Note: On Saturday I will be taking our daughter for a visit “out east” until November 10. I will be off-line while staying at my mom’s, so if I don’t reply to comments in a timely fashion, you’ll know why. (P.S. We already cast our votes by absentee ballot, my daughter and I, and we are both very excited. This is our daughter's first time to vote.)
Although it is still October, fall is almost over here. Remember the picture I posted of the wooden-plank bridge a few days ago, the path leading to it overhung with leaves? When I took pictures of the park again this weekend, almost all the leaves had gone, including the ones around that bridge.
The wooden bridge, Oct. 4:
The wooden bridge, Oct. 25:
How quickly autumn passes. But it’s glorious while it’s here. Below are pictures of my favourite little park taken this Saturday. Although the leaves are down now, I still loved it in there. There’s another kind of beauty to the woods when they’re stripped, with the contours of the land laid bare. The muscled leaf-brown slopes ripple up the hillsides, studded with boulders and rocks, and stuck through by the verticals of tapered trees. The little bridges that seemed far apart turn out to be close together with no leaves to veil the paths between, and my “ruins of Gondor”* are more clearly cement pylons of a mid-twentieth-century aqueduct (complete with weathered graffiti). But it’s still lovely, the park, with its smell of fallen leaves and the noise of the creek. Saturday it was swollen from the week’s rain and it roared, echoing off naked wood and stone.
* Jan-u-wine said they reminded her of the ruins outside the gates of Moria. That is what I was thinking of, in fact, so I guess they would have been built by the Dwarves, or the Elves of Eregion, not the Gondorians.
To give you an idea how easy to miss this park is, here’s the entrance closest to my house. That little patch of blue to the left of the railing is someone going down to the park. Who would guess a park was there if they didn’t already know about it?
The photos that follow show various spots along the trail: woods, the creek full of water, the bridges, the “ruins of Gondor”.
Up the Shore.
In case we weren’t certain autumn was over, it was confirmed on our two-day family trip “up the shore”. (We just got back.) The first night we were there, Sunday, there was a light dusting of snow. It was our first this year. It had melted by noon, but it was fun to see it just the same. We stayed at a lakeside resort in the little town of Tofte, MN, a place we’ve been before. If you’d like to see where this part of the country is on a map, as well as photos of the area taken during the summer, click here. I made an LJ entry about it in 2005.
Below are a few shots taken during our stay (we took piles, but I'll spare you). We did a lot of hiking in the hills that range along the north side of Lake Superior, weathered, tree-covered ruins of what were once mountains. The rock ledges along the shore, exposed lava flows from an ancient era, are as beautiful to look at as they are fun to climb over. I am very proud of myself, since I was able to keep up much better than last time.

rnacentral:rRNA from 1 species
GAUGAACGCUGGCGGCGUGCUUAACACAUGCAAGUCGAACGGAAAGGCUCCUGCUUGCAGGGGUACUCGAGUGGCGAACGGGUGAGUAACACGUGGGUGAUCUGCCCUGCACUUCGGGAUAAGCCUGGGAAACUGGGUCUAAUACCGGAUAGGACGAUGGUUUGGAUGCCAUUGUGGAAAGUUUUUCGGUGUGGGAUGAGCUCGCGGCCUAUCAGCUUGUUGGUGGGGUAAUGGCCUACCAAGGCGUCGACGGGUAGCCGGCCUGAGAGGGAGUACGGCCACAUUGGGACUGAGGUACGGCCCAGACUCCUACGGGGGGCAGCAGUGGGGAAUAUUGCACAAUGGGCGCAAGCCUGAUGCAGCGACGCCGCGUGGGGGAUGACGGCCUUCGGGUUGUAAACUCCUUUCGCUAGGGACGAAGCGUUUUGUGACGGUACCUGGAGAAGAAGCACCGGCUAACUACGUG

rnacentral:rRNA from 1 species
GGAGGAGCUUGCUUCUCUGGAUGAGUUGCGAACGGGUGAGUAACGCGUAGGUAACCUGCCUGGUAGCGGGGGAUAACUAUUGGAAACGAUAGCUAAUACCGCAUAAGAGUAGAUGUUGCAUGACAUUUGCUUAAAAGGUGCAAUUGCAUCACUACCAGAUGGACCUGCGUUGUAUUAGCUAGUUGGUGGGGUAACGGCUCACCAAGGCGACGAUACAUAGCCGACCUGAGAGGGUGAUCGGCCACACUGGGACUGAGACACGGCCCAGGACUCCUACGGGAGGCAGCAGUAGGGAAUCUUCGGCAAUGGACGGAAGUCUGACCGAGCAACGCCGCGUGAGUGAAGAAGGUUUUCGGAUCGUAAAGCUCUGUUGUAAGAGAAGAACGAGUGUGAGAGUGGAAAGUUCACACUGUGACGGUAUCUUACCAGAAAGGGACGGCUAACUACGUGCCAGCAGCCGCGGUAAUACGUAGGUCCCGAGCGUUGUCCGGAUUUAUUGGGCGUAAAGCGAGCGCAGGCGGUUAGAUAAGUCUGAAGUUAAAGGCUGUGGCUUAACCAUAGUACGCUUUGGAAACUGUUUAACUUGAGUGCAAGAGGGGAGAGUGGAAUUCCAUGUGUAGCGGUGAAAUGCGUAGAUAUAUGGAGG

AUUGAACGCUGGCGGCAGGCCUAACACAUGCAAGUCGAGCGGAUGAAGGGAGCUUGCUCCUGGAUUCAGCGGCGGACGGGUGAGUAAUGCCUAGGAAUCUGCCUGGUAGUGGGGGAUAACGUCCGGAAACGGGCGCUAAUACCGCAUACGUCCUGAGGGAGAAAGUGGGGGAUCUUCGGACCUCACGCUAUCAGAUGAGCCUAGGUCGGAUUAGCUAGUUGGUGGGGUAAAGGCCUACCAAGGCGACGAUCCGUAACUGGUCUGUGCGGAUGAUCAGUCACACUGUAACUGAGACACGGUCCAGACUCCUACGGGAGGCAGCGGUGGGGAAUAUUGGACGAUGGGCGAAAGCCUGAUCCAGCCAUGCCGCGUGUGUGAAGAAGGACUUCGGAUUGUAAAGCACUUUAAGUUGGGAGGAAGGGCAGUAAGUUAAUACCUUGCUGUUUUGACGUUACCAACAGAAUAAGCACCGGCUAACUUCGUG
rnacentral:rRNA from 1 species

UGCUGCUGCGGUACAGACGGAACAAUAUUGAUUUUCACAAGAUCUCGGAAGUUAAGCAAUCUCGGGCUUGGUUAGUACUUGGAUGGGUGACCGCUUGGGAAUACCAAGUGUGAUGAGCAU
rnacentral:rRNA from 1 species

Here’s the place where we stayed. Our "unit" was on the second floor, just at the end on the left, where the string of condos goes around the corner from the cove. It was late in the afternoon, the light doing wonderful silvery-grey things to the water.
Here’s a view of the cove I was standing in (taking the picture above) in the morning. I shot it looking out the window of the resort’s restaurant, at breakfast:
This was taken at sunrise on Monday morning, right in front of our place. It was gorgeous, and seemed to go on forever. Northern latitudes are like that: the transitional times of the day are greatly extended.
Here’s the view up the lake from our balcony. This birch still had some of its leaves, as did other trees right near the shore.
Below are scenes from our hikes.
These were taken walking up to Carlton Peak. We hiked this trail early enough that there still was snow on the ground. So pretty—but slippery—especially at the top, which is mostly curving slabs of exposed rock.
The Cascade River Trail was new to us, but great. Starting at the lakeshore highway, it went up both sides of the river, which was full of water. It tumbled and roared over huge rocks and into deep chasms, louder than Smaug after he'd discovered Bilbo's theft. It made the creek near my house look like a modest rivulet. The river looked especially good pouring over its falls, with many shades of deep, dark reddish-brown, but frothy like beer.
The river got quieter at its mouth, which passed docilely into Lake Superior through an arch under the highway.
The Leveaux Mountain Trail was another one we'd never taken. Our daughter took a nap while my husband and I walked some of it. The trail began in the usual mix of aspen, birch and evergreens, but on the lee side of the mountain it wound through a stand of hardwood, mostly maple. It must have been gorgeous three weeks ago. All the starry maple leaves were now down, but the hillsides were strewn with broken stone richly covered with mosses in every shade of green. It was beautiful. I wish I had taken some close-ups.
Palisade Head is a gorgeous overlook, rising fiord-like from Lake Superior. Driving back it was finally sunny, which was all the more reason to stop. There are great views in every direction from the head, but I especially love the view to the north of another rocky formation, Shovel Point. The pile of rock seems to be sliding right into the deep blue of the lake.
Looking south, into the sun, the lake seems no longer blue but silver and white.
Well, dear readers, that’s it for fall in northern Minnesota. What fun to get an “instant replay” at my mother’s, starting Saturday. The leaves are only just turning colour there, she says.